Tighe, leaning in furtively: I bribed them.
How do you plan on making Titus Andronics, a tragedy…fun?
Tighe: I think there is a point in Jacobean Revenge “Tragedies” where the violence gets so ABSURD that it passes over into dark comedy and the only way to play it is to turn it into a dark farce. SiTP is specially situated to facilitate those DARK FARCES and it becomes silly, absurd, goofy and fun. I love the opportunity to turn a “SERIOUS SHAKESPEARE” into something deeply silly.
Stange: You can clown on damn near anything in the classical canon. So many of the plays hinge on characters behaving irrationally, and there are a million dick jokes. Plus everything’s funnier when you’re drunk.
Any drink specials at the bar? Maybe a special cocktail for the show?
Tighe: I wish. Maybe I should bribe them too.
Stange: We asked for a particular food truck that night, but no word on whether it’ll happen. You’ll know it if you see it.
What are the challenges of putting together an “off-the-cuff” one-off night like this?
Stange: Cutting a four-hour play down to 90-120 minutes while still leaving room for our obnoxious ad libs. Casting actors with, like, no notice at all.
Tighe: Getting people together is always a challenge. Everyone is so talented and so busy in DC. But we are trying to expand our reach and get more and more people involved. E-mail: [email protected] if you’d like to get involved.
Could you tell me a little about how this is fun, and why you do it?
Tighe: Shakespeare in the Pub is an opportunity to let our hair down and speak some beautifully poetic text while goofing off. It is low pressure and allows us to stretch our creative/improv muscles while working with some classic text. Everyone knows Romeo & Juliet. But what if Romeo & Juliet were both ladies & all of the swords were penis balloons? (all credit to Kari Ginsburg). That is the sort of thing that makes this so much fun. Absolute sillyness. I think we could all use more silliness in our lives.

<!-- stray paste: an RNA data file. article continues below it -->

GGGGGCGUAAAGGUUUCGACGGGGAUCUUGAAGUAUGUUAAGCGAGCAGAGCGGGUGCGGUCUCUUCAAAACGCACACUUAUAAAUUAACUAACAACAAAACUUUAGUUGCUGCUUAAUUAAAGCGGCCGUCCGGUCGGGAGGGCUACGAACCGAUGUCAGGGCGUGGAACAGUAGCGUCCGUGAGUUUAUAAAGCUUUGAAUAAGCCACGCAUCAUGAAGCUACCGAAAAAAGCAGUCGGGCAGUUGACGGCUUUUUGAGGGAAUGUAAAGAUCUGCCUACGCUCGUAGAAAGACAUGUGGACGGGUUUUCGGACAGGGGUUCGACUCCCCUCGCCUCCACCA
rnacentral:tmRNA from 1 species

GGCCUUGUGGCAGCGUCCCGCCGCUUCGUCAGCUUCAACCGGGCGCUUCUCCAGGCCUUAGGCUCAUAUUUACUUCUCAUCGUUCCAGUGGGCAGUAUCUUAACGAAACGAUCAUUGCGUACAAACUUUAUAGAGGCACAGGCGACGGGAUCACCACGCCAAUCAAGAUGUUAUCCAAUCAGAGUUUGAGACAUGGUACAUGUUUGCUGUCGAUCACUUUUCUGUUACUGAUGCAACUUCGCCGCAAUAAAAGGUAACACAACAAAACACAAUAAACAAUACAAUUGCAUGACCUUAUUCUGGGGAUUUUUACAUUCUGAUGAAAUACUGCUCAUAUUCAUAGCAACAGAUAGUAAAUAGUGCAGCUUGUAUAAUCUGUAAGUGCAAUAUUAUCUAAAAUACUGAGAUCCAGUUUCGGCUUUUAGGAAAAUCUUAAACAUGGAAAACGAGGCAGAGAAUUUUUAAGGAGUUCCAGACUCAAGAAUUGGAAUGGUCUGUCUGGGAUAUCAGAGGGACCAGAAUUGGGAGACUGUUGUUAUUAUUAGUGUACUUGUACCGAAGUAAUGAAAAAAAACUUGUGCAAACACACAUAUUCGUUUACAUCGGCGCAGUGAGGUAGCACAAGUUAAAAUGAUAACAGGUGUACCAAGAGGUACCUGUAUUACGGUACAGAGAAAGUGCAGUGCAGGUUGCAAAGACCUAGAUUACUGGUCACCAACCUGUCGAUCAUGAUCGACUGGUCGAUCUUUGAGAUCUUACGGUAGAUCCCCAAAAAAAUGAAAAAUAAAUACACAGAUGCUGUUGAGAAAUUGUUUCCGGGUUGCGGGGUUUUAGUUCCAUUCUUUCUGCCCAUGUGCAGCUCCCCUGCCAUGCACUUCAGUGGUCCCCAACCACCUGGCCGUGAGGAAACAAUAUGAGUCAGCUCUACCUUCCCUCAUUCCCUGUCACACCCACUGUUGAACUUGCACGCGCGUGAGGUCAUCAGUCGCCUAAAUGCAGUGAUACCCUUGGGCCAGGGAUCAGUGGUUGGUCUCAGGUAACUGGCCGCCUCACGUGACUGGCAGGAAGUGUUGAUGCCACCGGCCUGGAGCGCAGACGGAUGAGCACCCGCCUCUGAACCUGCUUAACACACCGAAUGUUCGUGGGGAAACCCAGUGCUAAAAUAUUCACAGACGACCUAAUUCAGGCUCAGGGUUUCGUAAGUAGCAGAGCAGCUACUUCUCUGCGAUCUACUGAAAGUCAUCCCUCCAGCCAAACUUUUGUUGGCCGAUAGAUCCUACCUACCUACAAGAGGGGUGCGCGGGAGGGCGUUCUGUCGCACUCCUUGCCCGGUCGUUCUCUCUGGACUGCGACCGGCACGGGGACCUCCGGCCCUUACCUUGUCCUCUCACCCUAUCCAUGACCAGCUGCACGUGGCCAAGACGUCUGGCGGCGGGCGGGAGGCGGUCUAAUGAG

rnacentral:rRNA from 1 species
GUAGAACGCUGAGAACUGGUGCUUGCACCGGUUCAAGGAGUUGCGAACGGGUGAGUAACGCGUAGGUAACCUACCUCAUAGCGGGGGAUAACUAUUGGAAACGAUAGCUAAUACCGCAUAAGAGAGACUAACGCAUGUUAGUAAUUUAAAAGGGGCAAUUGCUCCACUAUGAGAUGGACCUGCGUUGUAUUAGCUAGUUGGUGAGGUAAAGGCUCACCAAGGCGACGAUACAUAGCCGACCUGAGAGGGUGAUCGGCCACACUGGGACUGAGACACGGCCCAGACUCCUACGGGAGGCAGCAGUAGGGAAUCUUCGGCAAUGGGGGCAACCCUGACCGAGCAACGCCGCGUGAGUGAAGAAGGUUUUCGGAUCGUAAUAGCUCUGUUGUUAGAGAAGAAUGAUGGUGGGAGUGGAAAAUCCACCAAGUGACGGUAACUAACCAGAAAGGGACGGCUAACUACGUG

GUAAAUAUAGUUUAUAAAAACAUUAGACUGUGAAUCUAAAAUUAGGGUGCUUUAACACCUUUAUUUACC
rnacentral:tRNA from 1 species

Stange: Geez, that’s a list…It gets my lame ass out of the house. It’s a fun way for actors, English teachers, and other people who geek on this stuff to blow off steam. We get to play with Shakespeare and other classical stuff in a little low-stakes, one-off setting where it’s not cutting into the production of underappreciated living playwrights. Lastly, we get to cast people in roles they might not ever otherwise get to play, and they’re often great at them. There’s a reason we do so many all-woman casts.
How’d you manage to get Fort Fringe to host you?
Stange: We thought of it last year and approached them with it, but too late to make it work. They contacted us earlier this year about giving it a shot. As with everything else associated with Shakespeare in the Pub, “just ask” seems to work way more than you’d expect.
Tighe: John bribed them. (not really. but just pretend so I can have my three bribing jokes.)
What can we expect the next “Shakespeare in the Pub” offering to be?
Stange: I’m glad you asked! Angela Kay Pirko is directing something crazy ambitious- the War of the Roses plays (Henry VI 1/2/3 and Richard III) in the span of a week, from August 13th to August 21st at The Pinch in Columbia Heights. We’re gonna do Part 1 for brunch! And we somehow talked a DC theatre heavyweight into playing Richard III, though I’m going to be cagey about that until we’re on top of it, just in case something comes up.
Tighe: What Stange said.
*** There you have it, friends. Shakespeare in the Pub presents Titus Andronicus on Thursday, July 20th, at 6:45 pm at Fort Fringe. Details, including the ever-tantalizing cast-list, can be found on Shakespeare in the Pub’s Website
Stop by for a rollicking, raucous good time with some of DC Theatre’s favourite femmes. I’ll be there, probably wearing something I don’t mind getting a little blood on (just in case.)
Performance is free, but do be sure to tip the performers at the end of the night! There will be a tip-jar, split among all the performers. I have it on good authority that some of them will accept a drink, but please be sure to ask first!